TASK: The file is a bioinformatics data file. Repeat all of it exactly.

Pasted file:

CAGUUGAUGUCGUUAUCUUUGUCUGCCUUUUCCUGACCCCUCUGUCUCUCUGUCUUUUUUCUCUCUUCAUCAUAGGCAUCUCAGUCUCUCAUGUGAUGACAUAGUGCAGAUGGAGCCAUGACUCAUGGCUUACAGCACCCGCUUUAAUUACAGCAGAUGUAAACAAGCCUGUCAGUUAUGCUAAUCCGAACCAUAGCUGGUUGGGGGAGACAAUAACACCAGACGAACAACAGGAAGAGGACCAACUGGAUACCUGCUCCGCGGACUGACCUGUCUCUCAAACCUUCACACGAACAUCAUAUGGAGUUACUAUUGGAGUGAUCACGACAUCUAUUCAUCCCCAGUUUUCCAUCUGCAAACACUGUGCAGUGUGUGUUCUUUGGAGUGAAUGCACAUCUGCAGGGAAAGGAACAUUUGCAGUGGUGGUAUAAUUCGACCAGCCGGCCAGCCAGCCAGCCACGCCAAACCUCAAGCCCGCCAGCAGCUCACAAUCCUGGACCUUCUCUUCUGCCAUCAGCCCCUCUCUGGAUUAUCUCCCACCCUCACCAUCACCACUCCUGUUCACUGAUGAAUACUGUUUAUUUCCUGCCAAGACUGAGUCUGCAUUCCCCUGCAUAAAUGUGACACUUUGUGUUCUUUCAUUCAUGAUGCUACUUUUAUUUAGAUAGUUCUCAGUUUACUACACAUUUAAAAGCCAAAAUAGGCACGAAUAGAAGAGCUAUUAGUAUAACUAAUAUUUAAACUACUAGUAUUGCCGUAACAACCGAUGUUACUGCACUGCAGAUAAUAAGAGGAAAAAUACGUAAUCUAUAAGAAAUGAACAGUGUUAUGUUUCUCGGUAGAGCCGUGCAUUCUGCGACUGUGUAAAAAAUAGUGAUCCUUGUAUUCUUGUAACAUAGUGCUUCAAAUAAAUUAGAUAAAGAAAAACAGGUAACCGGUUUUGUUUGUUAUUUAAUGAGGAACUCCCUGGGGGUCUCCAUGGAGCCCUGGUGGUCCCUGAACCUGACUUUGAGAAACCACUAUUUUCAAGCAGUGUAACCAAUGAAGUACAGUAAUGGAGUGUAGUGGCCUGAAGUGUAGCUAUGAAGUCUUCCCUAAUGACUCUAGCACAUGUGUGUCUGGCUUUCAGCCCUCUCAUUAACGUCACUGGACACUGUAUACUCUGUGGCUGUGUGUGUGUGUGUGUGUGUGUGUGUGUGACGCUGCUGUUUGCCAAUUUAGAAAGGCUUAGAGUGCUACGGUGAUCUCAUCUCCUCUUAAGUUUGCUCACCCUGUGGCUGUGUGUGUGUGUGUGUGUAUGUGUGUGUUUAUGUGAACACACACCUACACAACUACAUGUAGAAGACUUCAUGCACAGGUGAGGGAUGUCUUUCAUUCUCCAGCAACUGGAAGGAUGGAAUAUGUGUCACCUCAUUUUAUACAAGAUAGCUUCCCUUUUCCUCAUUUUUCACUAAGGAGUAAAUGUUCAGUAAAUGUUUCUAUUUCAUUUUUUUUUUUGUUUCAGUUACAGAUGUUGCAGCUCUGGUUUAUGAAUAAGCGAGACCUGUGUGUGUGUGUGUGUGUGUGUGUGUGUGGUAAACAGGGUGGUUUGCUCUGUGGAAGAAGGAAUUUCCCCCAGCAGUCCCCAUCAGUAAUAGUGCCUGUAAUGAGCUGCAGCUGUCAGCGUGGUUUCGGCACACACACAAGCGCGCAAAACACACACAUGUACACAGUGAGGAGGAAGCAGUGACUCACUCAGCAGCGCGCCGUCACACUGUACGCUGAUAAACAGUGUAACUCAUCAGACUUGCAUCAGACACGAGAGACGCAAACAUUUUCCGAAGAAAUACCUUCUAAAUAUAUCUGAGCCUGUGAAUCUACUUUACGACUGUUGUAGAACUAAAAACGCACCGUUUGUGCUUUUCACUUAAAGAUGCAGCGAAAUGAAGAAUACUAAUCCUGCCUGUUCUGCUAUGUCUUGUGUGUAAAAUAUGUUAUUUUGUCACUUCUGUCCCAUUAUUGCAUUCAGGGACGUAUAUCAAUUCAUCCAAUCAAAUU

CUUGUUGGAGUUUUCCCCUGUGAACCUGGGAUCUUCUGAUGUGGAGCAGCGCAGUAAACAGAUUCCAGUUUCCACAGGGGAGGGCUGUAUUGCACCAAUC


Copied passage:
CAGUUGAUGUCGUUAUCUUUGUCUGCCUUUUCCUGACCCCUCUGUCUCUCUGUCUUUUUUCUCUCUUCAUCAUAGGCAUCUCAGUCUCUCAUGUGAUGACAUAGUGCAGAUGGAGCCAUGACUCAUGGCUUACAGCACCCGCUUUAAUUACAGCAGAUGUAAACAAGCCUGUCAGUUAUGCUAAUCCGAACCAUAGCUGGUUGGGGGAGACAAUAACACCAGACGAACAACAGGAAGAGGACCAACUGGAUACCUGCUCCGCGGACUGACCUGUCUCUCAAACCUUCACACGAACAUCAUAUGGAGUUACUAUUGGAGUGAUCACGACAUCUAUUCAUCCCCAGUUUUCCAUCUGCAAACACUGUGCAGUGUGUGUUCUUUGGAGUGAAUGCACAUCUGCAGGGAAAGGAACAUUUGCAGUGGUGGUAUAAUUCGACCAGCCGGCCAGCCAGCCAGCCACGCCAAACCUCAAGCCCGCCAGCAGCUCACAAUCCUGGACCUUCUCUUCUGCCAUCAGCCCCUCUCUGGAUUAUCUCCCACCCUCACCAUCACCACUCCUGUUCACUGAUGAAUACUGUUUAUUUCCUGCCAAGACUGAGUCUGCAUUCCCCUGCAUAAAUGUGACACUUUGUGUUCUUUCAUUCAUGAUGCUACUUUUAUUUAGAUAGUUCUCAGUUUACUACACAUUUAAAAGCCAAAAUAGGCACGAAUAGAAGAGCUAUUAGUAUAACUAAUAUUUAAACUACUAGUAUUGCCGUAACAACCGAUGUUACUGCACUGCAGAUAAUAAGAGGAAAAAUACGUAAUCUAUAAGAAAUGAACAGUGUUAUGUUUCUCGGUAGAGCCGUGCAUUCUGCGACUGUGUAAAAAAUAGUGAUCCUUGUAUUCUUGUAACAUAGUGCUUCAAAUAAAUUAGAUAAAGAAAAACAGGUAACCGGUUUUGUUUGUUAUUUAAUGAGGAACUCCCUGGGGGUCUCCAUGGAGCCCUGGUGGUCCCUGAACCUGACUUUGAGAAACCACUAUUUUCAAGCAGUGUAACCAAUGAAGUACAGUAAUGGAGUGUAGUGGCCUGAAGUGUAGCUAUGAAGUCUUCCCUAAUGACUCUAGCACAUGUGUGUCUGGCUUUCAGCCCUCUCAUUAACGUCACUGGACACUGUAUACUCUGUGGCUGUGUGUGUGUGUGUGUGUGUGUGUGUGUGACGCUGCUGUUUGCCAAUUUAGAAAGGCUUAGAGUGCUACGGUGAUCUCAUCUCCUCUUAAGUUUGCUCACCCUGUGGCUGUGUGUGUGUGUGUGUGUAUGUGUGUGUUUAUGUGAACACACACCUACACAACUACAUGUAGAAGACUUCAUGCACAGGUGAGGGAUGUCUUUCAUUCUCCAGCAACUGGAAGGAUGGAAUAUGUGUCACCUCAUUUUAUACAAGAUAGCUUCCCUUUUCCUCAUUUUUCACUAAGGAGUAAAUGUUCAGUAAAUGUUUCUAUUUCAUUUUUUUUUUUGUUUCAGUUACAGAUGUUGCAGCUCUGGUUUAUGAAUAAGCGAGACCUGUGUGUGUGUGUGUGUGUGUGUGUGUGUGGUAAACAGGGUGGUUUGCUCUGUGGAAGAAGGAAUUUCCCCCAGCAGUCCCCAUCAGUAAUAGUGCCUGUAAUGAGCUGCAGCUGUCAGCGUGGUUUCGGCACACACACAAGCGCGCAAAACACACACAUGUACACAGUGAGGAGGAAGCAGUGACUCACUCAGCAGCGCGCCGUCACACUGUACGCUGAUAAACAGUGUAACUCAUCAGACUUGCAUCAGACACGAGAGACGCAAACAUUUUCCGAAGAAAUACCUUCUAAAUAUAUCUGAGCCUGUGAAUCUACUUUACGACUGUUGUAGAACUAAAAACGCACCGUUUGUGCUUUUCACUUAAAGAUGCAGCGAAAUGAAGAAUACUAAUCCUGCCUGUUCUGCUAUGUCUUGUGUGUAAAAUAUGUUAUUUUGUCACUUCUGUCCCAUUAUUGCAUUCAGGGACGUAUAUCAAUUCAUCCAAUCAAAUU

CUUGUUGGAGUUUUCCCCUGUGAACCUGGGAUCUUCUGAUGUGGAGCAGCGCAGUAAACAGAUUCCAGUUUCCACAGGGGAGGGCUGUAUUGCACCAAUC